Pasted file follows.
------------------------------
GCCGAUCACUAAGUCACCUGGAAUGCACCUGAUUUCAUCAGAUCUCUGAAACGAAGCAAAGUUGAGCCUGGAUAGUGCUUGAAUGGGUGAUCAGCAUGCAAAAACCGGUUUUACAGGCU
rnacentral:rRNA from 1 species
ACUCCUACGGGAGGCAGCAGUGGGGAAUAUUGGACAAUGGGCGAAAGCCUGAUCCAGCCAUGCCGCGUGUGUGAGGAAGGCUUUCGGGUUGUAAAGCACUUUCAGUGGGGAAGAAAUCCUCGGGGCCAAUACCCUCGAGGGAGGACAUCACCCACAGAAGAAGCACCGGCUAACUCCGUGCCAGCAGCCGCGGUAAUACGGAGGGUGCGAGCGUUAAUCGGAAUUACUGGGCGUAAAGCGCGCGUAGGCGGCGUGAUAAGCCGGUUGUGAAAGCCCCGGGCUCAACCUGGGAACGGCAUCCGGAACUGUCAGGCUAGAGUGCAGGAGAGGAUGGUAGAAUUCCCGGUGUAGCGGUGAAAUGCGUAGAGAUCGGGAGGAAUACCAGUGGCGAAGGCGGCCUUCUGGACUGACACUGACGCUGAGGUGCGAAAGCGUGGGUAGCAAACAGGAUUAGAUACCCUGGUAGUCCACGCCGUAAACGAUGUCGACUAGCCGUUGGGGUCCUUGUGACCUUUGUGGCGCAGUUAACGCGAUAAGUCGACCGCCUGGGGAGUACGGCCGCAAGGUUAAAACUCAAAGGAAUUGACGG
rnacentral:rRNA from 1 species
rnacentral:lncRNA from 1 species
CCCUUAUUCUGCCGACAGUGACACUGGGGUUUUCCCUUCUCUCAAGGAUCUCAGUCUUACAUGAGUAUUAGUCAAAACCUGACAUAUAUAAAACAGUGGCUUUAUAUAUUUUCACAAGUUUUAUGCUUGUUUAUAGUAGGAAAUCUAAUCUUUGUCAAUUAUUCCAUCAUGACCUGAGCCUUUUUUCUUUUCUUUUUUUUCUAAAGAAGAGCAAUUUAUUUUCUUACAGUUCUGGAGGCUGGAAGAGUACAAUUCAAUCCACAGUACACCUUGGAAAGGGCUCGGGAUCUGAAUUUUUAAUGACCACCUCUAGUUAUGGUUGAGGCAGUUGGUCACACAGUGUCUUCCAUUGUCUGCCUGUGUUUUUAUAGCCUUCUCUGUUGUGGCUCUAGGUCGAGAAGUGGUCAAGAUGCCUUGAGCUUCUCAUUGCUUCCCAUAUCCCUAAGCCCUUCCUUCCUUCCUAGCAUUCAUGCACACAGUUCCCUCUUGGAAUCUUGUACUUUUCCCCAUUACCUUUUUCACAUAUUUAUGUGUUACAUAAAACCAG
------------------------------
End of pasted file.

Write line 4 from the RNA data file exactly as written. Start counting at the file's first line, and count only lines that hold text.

rnacentral:rRNA from 1 species